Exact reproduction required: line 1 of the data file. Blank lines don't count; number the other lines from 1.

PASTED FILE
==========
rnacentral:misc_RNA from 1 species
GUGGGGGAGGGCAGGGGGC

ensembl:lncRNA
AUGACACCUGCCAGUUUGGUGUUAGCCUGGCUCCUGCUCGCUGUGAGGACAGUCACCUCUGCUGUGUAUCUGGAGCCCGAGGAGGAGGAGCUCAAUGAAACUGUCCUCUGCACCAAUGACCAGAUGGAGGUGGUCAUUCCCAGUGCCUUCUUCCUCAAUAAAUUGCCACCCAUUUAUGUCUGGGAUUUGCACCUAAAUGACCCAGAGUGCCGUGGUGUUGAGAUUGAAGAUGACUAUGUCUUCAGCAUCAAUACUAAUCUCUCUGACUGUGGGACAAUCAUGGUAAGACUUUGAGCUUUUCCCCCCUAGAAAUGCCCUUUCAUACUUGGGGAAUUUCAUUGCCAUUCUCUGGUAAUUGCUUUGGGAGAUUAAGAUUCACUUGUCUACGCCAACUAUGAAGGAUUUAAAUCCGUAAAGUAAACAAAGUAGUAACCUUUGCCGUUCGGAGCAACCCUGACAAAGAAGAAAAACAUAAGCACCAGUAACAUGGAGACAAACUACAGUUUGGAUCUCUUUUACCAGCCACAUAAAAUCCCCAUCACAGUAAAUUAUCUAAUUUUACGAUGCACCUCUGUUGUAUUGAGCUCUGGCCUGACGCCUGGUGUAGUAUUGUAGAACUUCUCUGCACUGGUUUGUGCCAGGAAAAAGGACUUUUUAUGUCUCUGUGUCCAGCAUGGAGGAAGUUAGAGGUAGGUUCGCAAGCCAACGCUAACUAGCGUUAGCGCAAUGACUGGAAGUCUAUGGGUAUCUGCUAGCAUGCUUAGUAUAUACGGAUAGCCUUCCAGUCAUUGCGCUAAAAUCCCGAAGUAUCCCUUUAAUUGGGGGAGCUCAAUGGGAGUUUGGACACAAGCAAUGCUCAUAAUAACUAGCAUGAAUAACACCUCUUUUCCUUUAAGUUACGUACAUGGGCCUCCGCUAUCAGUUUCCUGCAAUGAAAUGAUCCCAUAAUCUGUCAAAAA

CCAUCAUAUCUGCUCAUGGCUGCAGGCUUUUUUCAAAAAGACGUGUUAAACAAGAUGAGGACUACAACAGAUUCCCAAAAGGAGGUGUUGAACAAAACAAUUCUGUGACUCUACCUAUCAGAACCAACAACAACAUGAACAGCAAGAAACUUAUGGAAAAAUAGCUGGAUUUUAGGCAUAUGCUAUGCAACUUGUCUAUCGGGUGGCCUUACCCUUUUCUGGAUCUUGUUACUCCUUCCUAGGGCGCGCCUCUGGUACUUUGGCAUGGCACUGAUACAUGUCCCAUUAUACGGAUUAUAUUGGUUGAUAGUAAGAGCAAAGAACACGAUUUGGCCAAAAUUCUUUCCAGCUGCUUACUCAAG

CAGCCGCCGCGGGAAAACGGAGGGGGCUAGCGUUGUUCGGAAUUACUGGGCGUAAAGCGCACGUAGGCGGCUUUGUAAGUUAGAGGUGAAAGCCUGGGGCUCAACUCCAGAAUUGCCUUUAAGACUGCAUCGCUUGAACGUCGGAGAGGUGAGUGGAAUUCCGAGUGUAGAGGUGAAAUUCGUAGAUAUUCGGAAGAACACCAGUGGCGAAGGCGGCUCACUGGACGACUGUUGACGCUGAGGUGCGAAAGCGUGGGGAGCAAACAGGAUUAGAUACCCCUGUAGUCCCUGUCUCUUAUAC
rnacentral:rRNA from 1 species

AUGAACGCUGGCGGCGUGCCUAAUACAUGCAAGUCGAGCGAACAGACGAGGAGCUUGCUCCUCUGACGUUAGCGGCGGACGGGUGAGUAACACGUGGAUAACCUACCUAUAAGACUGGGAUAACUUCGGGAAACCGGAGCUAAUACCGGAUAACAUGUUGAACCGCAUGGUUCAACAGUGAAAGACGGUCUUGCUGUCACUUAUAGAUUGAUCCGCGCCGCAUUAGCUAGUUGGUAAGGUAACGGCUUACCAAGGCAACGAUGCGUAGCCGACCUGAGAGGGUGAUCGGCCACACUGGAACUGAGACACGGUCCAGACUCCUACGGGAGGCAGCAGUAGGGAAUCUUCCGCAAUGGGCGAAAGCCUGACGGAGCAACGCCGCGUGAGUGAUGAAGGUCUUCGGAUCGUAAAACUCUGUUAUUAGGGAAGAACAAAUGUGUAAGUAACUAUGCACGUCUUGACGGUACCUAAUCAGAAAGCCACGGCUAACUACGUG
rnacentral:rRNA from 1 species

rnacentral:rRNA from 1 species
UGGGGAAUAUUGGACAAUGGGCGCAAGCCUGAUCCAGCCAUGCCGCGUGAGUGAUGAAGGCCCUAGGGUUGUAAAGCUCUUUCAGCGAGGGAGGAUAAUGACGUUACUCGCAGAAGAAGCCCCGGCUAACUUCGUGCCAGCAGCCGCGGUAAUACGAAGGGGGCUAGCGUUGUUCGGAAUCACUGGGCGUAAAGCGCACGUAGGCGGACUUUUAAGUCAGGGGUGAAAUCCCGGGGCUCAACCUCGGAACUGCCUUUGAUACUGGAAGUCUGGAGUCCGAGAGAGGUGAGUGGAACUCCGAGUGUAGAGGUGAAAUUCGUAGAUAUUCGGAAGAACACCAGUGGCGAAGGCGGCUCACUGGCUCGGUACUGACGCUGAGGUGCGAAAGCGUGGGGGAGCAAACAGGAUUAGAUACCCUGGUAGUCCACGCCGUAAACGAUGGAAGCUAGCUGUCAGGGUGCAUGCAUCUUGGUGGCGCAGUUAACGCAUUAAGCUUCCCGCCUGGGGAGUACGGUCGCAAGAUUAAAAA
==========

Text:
rnacentral:misc_RNA from 1 species